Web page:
Priming the cache can increase the startup time for the PingDirectory server but provides optimum performance after startup has completed. This option is best used for strict throughput or response time performance requirements, or if other replicas in a replication topology can accept traffic while this PingDirectory server instance is starting. Priming the cache can also allow the server to collect information at startup that can be helpful in tuning garbage collection in the Java virtual machine (JVM). See JVM garbage collection using CMS.

  19. Enter a location name for this server.
  20. Enter a unique instance name for this server.

    You cannot change the name after you set it.

  21. Press Enter to accept the default (yes) to start the PingDirectory server after the configuration has completed.

    Enter no if you want to configure additional settings or import data. Doing this keeps the server in shutdown mode.

  22. Select the desired option for populating the config/tools.properties file during setup, or press Enter to select the default (option 1).
    • Do not populate the tools.properties file
    • Populate the tools.properties file with properties needed to connect to the server
    • Populate the tools.properties file with properties needed to connect to the server, and also include the initial root user DN as the default bind DN
    • Populate the tools.properties

      file with propertiesThis fourth option, which is not recommended for production environments, populates the tools.properties file with properties needed to connect to the server, includes the DN for the initial root user as the default bind DN, and writes the password for that user to a tools.pin file for use as the default bind password.

  23. In the Setup Summary window, review your configuration details, and then select your setup option, or press Enter to select the default (option 1): file with properties needed to connect to the server, and also include the DN and password for the initial root user DN as the default bind DN and password
    • Set up the server with the parameters you have given
    • Provide the setup parameters again
    • Cancel the setup
If you select option 1, your PingDirectory server is configured and initialized.

Installing the PingDirectory server in non-interactive mode

Run the setup command in non-interactive mode to automate the installation process using a script or to run the command directly from the command line.

Non-interactive mode is useful when setting up production or QA servers with specific configuration requirements. There are two ways to set up a server in non-interactive mode:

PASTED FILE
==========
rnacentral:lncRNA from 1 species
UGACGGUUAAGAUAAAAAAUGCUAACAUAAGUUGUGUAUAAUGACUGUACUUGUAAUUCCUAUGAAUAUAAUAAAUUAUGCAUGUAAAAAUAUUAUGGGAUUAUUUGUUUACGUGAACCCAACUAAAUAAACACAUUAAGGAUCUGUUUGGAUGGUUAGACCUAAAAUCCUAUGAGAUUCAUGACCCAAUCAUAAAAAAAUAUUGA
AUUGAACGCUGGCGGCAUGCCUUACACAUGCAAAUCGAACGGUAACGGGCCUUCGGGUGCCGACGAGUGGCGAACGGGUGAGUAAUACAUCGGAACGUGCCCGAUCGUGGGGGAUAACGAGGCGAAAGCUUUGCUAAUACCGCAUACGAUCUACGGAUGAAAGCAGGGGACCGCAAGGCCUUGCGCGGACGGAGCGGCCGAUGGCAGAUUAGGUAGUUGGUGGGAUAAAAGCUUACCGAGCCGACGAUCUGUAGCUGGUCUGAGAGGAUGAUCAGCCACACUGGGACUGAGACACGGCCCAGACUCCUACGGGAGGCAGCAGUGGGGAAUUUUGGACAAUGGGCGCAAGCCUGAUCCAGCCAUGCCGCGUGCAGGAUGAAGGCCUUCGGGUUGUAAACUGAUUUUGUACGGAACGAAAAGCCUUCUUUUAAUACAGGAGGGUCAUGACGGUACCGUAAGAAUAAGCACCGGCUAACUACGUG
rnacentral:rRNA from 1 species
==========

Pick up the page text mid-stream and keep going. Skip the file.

Using the setup command in non-interactive mode requires that all mandatory arguments be present for each command call. If there are missing or incorrect arguments, the setup command fails and aborts the process. You must use a --no-prompt option to suppress interactive output, except for errors, when running in non-interactive mode. You must also specify the port on which the server listens for connections:

  • --ldapPort for connections from unencrypted LDAP clients
  • --ldapsPort for connections from TLS-encrypted LDAPs clients

Lastly, you must use the --acceptLicense option. To view the license, run the bin/review-license command.

To automatically tune the Java Virtual Machine (JVM) to use maximum memory, use the --maxHeapSize option. To preload the database at startup, use the --primeDB option.

To configure a deployment using a truststore, see Installing the PingDirectory server with a truststore.

To see a description of the available command-line options for the setup command, use setup --help.

Instructions for additional tasks you can perform while installing the server in non-interactive mode are provided in the following sections:

Enabling data encryption during non-interactive setup

Enabling data encryption during setup provides the strongest protection for your PingDirectory server.

Enabling encryption during setup ensures that all data written to the local DB backends, the changelog, and the replication database will be encrypted. Enabling encryption during setup also ensures that directory backups and LDIF exports are encrypted by default.

If you enable encryption after setup, then only entries created or updated after enablement will be encrypted, along with their corresponding records in the LDAP changelog and replication database. Any data and indexes that existed before enabling encryption remain unencrypted. To encrypt pre-existing local DB backends, export the data to LDIF and then re-import the LDIF file. To ensure future encryption of backups and LDIF exports, set the encrypt-backups-by-default and encrypt-ldif-exports-by-default system configuration properties to true.

You can enable encryption in either interactive or non-interactive setup. For information on enabling encryption in interactive setup, see Installing the PingDirectory server in interactive mode.

To enable encryption non-interactively:

  • Run the setup command with one of the following arguments:
    Arguments Description

    --encryptDataWithRandomPassphrase

    Creates an encryption settings definition for you with a strong, randomly generated key.

    Note:

    Because all instances in a topology should have the same encryption settings definitions, you should only use this argument for standalone instances or the first instance in a topology that will export its definitions to other instances.